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Norma Kamali


Norma Kamali




New York

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Norma Kamali, Spring/Summer 1990

Norma Kamali, Spring/Summer 1990
DOI: 10.5040/9781350996335.0016

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    Bloomsbury Publishing Plc
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Norma Kamali’s womenswear spring/summer 1990 collection was shown in Central Park as part of New York Fashion Week. Making a statement against mainstream indoor fashion shows, Kamali’s collection emphasized nature and comfort. Female models wore flat shoes and casually walked, jogged, or danced through the park. Garments were constructed in cotton, silk, lycra, and soft leather and consisted of activewear styles from all eras and cultures. The message behind this collection was female empowerment as well as an awareness to save the global environment. Models held signs that read “Earth Children,” “Acid Rain Squad,” and “Ozone Protection Agents,” which their outfits reflected through color, cut, material, and embellishments.

The Collection in Context

Norma Kamali was raised in New York and studied at the Fashion Institute of Technology. She worked as a fashion illustrator after graduating before opening her own boutique in 1969. Thereafter, she became known for her innovative items of clothing which were worn by celebrities including Bette Midler, Farrah Fawcett, Grace Jones, and Yoko Ono—these included the “sleeping bag” coat made out of real silk parachute material, stretch-jersey dresses, and her modernized swimwear. In 1980, Kamali presented her first “Sweats Collection,” merging activewear with everyday wear. Using materials such as silk, cotton, and lycra, her emphasis was on empowering women through comfort in a similar vein to fellow fashion designers Ralph Lauren, Geoffrey Beene, and Bill Blass. Nearly ten years later, Norma Kamali presented her women’s wear spring/summer 1990 collection at New York Fashion Week in the Fall of 1989. After the excesses of print, shape, and color in 1980s clothing, Kamali remained true to her original style and began the next decade with a developed sense of simplicity and comfort, which many other fashion designers were also turning to.

Several eras of activewear were referenced in Kamali’s spring/summer 1990 collection, including the 1920s as seen by models wearing drop-waist dresses and loose-fit blouses. Outfits usually associated with girl scouts, joggers, and dancers were incorporated to create new and fun daywear. Kamali also drew on her Lebanese and Spanish heritage and combined several cultures and their approach to activewear in her collection, such as the Basque culture, cowgirls, Native Americans, and contemporary club and dance wear. This mixture of references included leather fringed jackets, waistcoats, crop tops, lurex pants and shorts, lycra bodysuits and jogging bottoms, and silk fitted mini dresses. Such items were paired with simple cut cotton and jersey crew neck T-shirts and leggings, which aided comfort. Predominant colors included khaki green, purple, beige, black, red, brown, and white.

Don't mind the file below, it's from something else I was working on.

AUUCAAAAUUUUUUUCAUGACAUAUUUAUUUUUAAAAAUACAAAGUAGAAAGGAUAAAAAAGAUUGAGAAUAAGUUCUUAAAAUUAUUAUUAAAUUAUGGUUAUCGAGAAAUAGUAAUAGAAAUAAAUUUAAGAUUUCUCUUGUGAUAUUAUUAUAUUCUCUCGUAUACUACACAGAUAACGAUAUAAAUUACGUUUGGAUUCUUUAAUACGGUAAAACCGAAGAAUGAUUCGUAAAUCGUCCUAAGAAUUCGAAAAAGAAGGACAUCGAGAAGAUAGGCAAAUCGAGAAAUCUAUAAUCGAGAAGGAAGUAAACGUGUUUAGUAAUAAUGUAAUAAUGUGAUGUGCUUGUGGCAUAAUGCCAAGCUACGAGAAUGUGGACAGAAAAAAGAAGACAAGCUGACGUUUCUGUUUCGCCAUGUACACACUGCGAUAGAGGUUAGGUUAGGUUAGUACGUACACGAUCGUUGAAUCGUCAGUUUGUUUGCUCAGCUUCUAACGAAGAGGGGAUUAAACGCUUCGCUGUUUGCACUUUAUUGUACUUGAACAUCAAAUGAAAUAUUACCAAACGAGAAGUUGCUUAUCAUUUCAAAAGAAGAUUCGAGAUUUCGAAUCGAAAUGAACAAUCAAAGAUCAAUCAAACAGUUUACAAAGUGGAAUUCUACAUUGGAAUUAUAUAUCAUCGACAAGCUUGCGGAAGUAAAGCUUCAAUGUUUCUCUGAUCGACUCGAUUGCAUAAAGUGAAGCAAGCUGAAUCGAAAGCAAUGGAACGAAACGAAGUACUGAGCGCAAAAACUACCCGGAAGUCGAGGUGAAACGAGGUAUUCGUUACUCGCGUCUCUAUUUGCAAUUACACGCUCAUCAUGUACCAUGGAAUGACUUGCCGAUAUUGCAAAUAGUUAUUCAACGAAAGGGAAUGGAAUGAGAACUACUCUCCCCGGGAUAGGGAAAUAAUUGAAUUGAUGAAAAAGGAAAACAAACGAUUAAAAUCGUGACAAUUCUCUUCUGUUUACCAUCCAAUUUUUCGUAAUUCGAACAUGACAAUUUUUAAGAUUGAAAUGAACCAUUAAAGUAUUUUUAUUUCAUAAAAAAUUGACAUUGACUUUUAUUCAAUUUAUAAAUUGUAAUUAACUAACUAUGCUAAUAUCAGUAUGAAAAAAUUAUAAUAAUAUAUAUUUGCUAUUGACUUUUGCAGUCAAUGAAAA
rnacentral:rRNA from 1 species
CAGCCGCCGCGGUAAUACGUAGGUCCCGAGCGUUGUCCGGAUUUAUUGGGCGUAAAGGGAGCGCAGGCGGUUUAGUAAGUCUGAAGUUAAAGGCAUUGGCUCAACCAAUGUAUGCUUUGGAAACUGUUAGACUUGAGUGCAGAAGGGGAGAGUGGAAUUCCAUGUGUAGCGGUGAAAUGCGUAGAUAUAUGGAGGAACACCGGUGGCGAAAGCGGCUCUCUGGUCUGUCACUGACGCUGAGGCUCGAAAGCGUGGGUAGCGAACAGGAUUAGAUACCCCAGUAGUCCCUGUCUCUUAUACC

As usual for the designer, Kamali’s collection united several temporalities and cultures to create innovative, comfortable outfits for the modern woman, whilst making a claim to save the environment. Models held passively political signs which read “Acid Rain Squad,” “Earth Children,” and “Ozone Protection Agents.” These were worn with statement outfits such as silver studded tops and fitted mini dresses. Kamali also constructed jumpsuits that had the appearance of maxi dresses due to their flared and pleated legs. Accessories consisted of fedora hats, leather gloves, and almost all models wore flat leather pumps in black, nude, and khaki green colors. Aztec embroidered accessories were also worn alongside fringed leather boots. Hair was natural and tied-up, and makeup was minimal and nude.

Presentation on the Runway

The show was set outdoors in Central Park while model Cecilia Rae performed a folk-rock song Moon Motel as the soundtrack to the show. Audience members with reserved bench seats were given T-shirts with the lyrics of the song on, whilst others perched on rocks. A notion of female solidarity inspired the show as models emerged in groups. They not only walked but danced and jogged through the park, highlighting the comfortable nature of the garments. As Vera Wang later said about her in Vogue, Norma Kamali “was someone whom I promoted relentlessly because I really believed in her sense of body, modernity, comfort and line” (Anderson 2016). “I was a ballet dancer and a figure skater, and Norma always seemed to incorporate that naturally into her designs” (Anderson 2016). Kamali’s mode of displaying garments modernized the traditional catwalk experience, making viewers feel as if they were bystanders of an everyday scene in the park. Rather than placing glamorous items of clothing onto famous supermodels to be worn for only a few seconds at a time on a catwalk, Kamali integrated her active daywear into her target audience’s everyday actions and settings and thus demonstrated the clothing’s wearability.